Tropical Pacific Ocean Islands are sinking into the Ocean. 2 down, 19 to go. Is Coral Mining Taking the Blame?

May 22, 2011

Every action has an equal and opposite reaction. If you learnt anything in school during your science lessons, surely this simple yet accurate and effective state of affairs was it. Newtons Law of Motion and his 3rd law of Physics. He was a genius. You should listen to what he had to say.  If one object pushes against another, the object receiving said push is not going to take this transfer of energy lying down and it is dam well going to push back. Put simply, its why you don’t fall through a wall when you lean on it. Its not so visible on Earth where we have things like gravity and friction continually fucking up science experiments but if you took this stage show to the moon and fired a cannon then the cannon would go backwards as far as the ball would go forwards. Sadly the moon landers were too busy playing golf and driving moon buggies around the Sea of  Tranquility to do some real, Newton-esque experiments. So you will have to take our word for it.

The Mannar Islands might well have looked something like this; we don't know because they have sunk.

But how does this have anything to do with tropical islands sinking under the turquoise waves of the South Pacific? It doesn’t really, it was just a round about way of saying that if you dig a big fucking hole then something is going to have to fill that hole. This is what has happened in the beautiful, tranquil waters  between India and Sri-Lanka in a very small region of islets that you have probably never heard of. The islands in the Gulf of Mannar Marine National Park are sinking into the Ocean. Islands are sinking into the Ocean! This is not something that happens on a daily basis, so what in the name of all that is scientific, is happening and who is to blame?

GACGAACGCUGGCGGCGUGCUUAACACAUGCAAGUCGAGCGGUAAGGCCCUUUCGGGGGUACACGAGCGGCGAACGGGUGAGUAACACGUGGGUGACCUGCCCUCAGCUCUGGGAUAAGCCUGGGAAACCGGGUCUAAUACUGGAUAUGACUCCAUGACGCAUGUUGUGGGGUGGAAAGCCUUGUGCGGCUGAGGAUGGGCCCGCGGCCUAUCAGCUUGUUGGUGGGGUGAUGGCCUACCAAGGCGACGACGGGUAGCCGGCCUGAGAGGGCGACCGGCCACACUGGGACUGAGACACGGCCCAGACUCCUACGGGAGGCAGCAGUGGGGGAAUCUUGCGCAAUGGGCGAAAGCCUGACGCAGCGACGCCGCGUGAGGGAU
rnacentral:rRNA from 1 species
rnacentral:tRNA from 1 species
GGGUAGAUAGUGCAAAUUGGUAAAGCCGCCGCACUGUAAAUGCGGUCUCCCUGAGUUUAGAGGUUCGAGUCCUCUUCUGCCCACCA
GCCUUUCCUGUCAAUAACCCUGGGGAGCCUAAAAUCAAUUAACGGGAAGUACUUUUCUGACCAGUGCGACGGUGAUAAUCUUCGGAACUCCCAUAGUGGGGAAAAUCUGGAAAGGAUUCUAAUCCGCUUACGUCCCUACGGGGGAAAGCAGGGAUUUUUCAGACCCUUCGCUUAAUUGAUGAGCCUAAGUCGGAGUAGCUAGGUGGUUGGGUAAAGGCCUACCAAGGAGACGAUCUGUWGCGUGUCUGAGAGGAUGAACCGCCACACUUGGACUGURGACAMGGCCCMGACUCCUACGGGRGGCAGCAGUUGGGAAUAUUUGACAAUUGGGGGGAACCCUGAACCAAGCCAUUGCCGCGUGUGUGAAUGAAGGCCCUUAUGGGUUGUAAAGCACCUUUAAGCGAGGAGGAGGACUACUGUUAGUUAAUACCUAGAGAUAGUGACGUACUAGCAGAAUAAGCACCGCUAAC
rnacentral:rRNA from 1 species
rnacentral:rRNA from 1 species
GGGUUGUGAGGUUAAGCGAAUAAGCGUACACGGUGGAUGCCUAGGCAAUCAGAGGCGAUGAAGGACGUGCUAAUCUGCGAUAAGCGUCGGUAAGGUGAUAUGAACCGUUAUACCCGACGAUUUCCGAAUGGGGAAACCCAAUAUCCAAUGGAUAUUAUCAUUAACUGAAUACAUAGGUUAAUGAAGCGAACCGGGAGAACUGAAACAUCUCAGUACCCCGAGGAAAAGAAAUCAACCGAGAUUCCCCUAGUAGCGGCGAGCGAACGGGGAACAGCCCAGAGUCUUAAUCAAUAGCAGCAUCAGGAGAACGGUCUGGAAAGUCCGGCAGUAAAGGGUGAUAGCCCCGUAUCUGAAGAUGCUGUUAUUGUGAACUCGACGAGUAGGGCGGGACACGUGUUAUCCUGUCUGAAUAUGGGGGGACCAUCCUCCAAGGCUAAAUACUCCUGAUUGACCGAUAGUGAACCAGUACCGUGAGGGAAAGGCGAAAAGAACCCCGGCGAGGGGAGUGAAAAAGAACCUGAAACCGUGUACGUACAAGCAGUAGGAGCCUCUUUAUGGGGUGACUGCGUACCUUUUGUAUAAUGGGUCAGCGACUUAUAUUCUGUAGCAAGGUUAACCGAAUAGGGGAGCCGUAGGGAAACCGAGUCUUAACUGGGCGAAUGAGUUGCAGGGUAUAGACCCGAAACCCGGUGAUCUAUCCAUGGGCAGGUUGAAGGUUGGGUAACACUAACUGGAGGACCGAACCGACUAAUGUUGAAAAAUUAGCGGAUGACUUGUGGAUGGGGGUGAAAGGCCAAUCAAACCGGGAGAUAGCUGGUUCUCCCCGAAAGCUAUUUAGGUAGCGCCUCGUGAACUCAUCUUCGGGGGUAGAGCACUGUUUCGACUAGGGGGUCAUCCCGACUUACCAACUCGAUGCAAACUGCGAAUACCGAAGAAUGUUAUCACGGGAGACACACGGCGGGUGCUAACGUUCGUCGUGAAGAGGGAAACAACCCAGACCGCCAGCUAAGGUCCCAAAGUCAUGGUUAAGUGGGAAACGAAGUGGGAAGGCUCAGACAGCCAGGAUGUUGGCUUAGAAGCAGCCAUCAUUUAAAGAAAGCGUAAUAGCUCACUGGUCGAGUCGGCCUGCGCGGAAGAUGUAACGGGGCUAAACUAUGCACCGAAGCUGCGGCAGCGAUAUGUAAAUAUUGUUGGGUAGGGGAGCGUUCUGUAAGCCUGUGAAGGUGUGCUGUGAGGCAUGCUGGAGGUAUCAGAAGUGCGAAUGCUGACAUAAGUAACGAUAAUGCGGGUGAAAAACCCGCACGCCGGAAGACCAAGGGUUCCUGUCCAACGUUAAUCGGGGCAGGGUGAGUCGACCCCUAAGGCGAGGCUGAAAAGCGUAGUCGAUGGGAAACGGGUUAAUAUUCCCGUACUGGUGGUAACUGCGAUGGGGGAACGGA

Fishermen. That’s who. Maybe. Until 2002 there was an almost complete lack of regulations governing the mining of the precious coral reefs which abound in the Gulf of Mannar, as a result the fishermen did what they did best and mined those coral beds dry. The Gulf of Mannar supports the lives and livelihoods of over 300,000 fishermen and the coral is their highest earner. Being extremely rich in calcium carbonate the coral is an immensely efficient binding material for concretes and is heavily used in the construction business. Some islands sank so you could build some houses. Newtons Law. Kill something, build something.

Some say it is home to the Lost City of Atlantis

The area is home to 21 island and 2 of them have sank beneath the waves. Poomarichan and Villanguchalli are names you will now only find in the history books. As well as the loss of 2 islands (as if that wasn’t enough), there is obviously a whole host of fish and animals that could follow suit, not to mention the coral itself which most people in the area cite as the sole reason the whole region wasn’t completely destroyed during the Boxing Day Tsunami of 2004. If the fisherman wont take the blame, then we will take the blame for the sinking Pacific islands of Poomarichan and Villanguchalli.

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